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Gerber Made Their Spokesbaby A Child With Down Syndrome For The First Time

Gerber Made Their Spokesbaby A Child With Down Syndrome For The First Time
3 months ago

Companies are trying to be more inclusive when it comes to branding and ad campaigns. Every year Gerber chooses a "spokesbaby" based on an online photo contest. 

This year's winner is a little boy from Georgia named Lucas Warren. Lucas has Down Syndrome, and is the first child featured by Gerber with the condition. He won out 140,000 other contestants.

His parents will receive $50,000 as the grand prize.

Good Housekeeping reports that Bill Partyka, president and CEO of Gerber, announced Lucas's win as the next step in a chain of Gerber baby representation.

"Lucas' winning smile and joyful expression won our hearts this year," said Partyka. "Every year, we choose the baby who best exemplifies Gerber's longstanding heritage of recognizing that every baby is a Gerber baby."

Lucas's parents Jason and Cortney, say they submitted Lucas's picture on a whim, but they hope that the experience will help inspire other kids like him.

"We want him to be a role model to others," Jason says. "We want everybody to think, 'Hey, Lucas has Down syndrome, what can I do?' We hope it snowballs from there."

People do seem inspired by Lucas and his family:

But there is a very dark side to this win. Business Insider reports that the company has been slammed for being opportunistic in using Lucas as a face for their brand, because their life insurance company, Gerber Life, has allegedly denied coverage to babies born with Down Syndrome. A number of people have tweeted about their experience of being denied coverage:

According to Business Insider, Gerber Life is a "financially separate affiliate" from Gerber, though the two have almost identical branding and are clearly linked in people's minds. They denied in an email that they categorically refuse to cover children with Down Syndrome, saying they review these children on a case by case basis.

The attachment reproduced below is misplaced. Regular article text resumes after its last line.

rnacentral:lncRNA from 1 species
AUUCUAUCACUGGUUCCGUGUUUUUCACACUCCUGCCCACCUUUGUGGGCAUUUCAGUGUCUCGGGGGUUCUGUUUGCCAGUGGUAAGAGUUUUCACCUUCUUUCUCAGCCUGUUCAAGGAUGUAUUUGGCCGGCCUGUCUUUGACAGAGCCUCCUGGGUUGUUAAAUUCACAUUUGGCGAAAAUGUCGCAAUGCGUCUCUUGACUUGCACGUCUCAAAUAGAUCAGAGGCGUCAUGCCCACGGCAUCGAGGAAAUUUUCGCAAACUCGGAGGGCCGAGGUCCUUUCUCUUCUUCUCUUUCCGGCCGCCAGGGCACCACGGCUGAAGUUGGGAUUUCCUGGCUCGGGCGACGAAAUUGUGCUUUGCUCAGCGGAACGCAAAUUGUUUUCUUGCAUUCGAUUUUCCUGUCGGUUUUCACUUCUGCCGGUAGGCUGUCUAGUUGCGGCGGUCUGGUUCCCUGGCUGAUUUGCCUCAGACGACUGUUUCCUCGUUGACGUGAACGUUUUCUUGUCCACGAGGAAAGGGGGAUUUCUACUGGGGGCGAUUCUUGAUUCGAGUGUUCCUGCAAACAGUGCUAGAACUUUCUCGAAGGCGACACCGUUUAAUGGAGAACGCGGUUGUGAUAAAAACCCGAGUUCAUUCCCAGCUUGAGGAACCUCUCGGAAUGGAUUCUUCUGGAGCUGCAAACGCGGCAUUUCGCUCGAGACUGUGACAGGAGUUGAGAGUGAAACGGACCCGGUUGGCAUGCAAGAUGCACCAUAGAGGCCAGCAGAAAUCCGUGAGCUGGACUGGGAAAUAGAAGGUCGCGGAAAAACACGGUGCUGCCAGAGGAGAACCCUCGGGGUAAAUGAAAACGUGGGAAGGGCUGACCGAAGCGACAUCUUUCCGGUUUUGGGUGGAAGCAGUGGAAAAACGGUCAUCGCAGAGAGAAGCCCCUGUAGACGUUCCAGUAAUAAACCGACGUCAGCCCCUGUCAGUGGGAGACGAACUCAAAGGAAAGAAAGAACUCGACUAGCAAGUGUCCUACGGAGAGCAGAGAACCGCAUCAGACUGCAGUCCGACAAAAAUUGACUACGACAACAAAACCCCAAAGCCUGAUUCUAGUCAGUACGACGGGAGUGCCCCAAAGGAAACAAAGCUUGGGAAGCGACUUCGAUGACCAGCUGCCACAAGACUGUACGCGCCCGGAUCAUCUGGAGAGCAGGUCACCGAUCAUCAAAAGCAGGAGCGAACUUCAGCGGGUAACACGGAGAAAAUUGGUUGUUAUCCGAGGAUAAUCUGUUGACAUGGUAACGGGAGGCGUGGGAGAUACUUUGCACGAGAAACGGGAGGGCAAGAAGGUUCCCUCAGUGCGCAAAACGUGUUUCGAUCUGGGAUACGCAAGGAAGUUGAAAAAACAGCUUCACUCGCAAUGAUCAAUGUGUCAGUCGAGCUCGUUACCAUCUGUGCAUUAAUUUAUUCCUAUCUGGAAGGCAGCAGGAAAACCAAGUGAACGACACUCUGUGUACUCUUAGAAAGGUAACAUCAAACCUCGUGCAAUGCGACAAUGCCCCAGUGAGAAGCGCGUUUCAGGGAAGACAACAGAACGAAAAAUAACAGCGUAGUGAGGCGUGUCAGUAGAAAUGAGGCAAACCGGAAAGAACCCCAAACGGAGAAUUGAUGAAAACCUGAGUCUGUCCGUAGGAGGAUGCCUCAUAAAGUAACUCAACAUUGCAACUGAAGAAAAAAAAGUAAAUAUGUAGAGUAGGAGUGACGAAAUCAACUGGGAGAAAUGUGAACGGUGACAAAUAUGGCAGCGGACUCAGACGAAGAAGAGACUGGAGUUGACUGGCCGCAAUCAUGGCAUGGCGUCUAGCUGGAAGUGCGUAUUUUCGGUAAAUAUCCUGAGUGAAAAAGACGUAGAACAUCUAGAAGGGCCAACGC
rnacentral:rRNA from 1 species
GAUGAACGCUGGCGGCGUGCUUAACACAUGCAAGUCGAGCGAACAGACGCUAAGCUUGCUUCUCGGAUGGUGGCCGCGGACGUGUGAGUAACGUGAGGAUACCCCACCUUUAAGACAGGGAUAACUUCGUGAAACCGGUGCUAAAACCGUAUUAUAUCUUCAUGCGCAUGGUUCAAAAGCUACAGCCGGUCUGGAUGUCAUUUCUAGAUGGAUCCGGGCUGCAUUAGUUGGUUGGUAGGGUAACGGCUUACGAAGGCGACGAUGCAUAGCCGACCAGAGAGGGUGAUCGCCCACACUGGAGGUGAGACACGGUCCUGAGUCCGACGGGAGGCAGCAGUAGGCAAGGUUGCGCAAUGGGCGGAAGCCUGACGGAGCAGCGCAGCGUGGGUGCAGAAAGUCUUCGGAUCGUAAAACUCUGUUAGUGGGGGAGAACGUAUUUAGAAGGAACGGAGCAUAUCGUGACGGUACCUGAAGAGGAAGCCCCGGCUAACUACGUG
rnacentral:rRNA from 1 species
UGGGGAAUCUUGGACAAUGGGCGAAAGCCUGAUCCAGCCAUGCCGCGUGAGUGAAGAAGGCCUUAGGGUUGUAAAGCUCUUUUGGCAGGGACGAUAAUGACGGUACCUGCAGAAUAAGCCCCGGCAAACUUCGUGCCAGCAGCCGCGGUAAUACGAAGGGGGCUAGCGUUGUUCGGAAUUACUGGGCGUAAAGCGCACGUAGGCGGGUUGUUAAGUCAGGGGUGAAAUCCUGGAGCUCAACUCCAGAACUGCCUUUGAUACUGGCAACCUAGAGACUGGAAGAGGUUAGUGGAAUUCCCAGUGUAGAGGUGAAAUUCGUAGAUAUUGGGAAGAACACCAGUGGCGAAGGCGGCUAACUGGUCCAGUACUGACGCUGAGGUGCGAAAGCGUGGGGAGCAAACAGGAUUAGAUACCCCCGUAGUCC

But many parents say they were denied or told to reapply after the child turned five.

It's an interesting conversation to have during a time when many companies are making gestures towards inclusion. But consumers want more than gestures, they want real change. If you are going to use children with Down Syndrome to send a message about inclusion, consider how you can prioritize their health and wellbeing in a real way.

But none of that rests on Lucas's shoulders. It's also hard to know what responsibility his parents have to speak to the issue. They possibly can't, if they've signed a contract with Gerber. Their primary focus seems to be Lucas and encouraging him in life.

Jason told Good Housekeeping, "When he grows up and we can teach him and show him all he did over the next year, I hope that it gives him confidence. He can do anything he wants."

And perhaps Lucas's case will bring attention to more than representation in media, but to real issues effecting the life and care for children with Down Syndrome everywhere.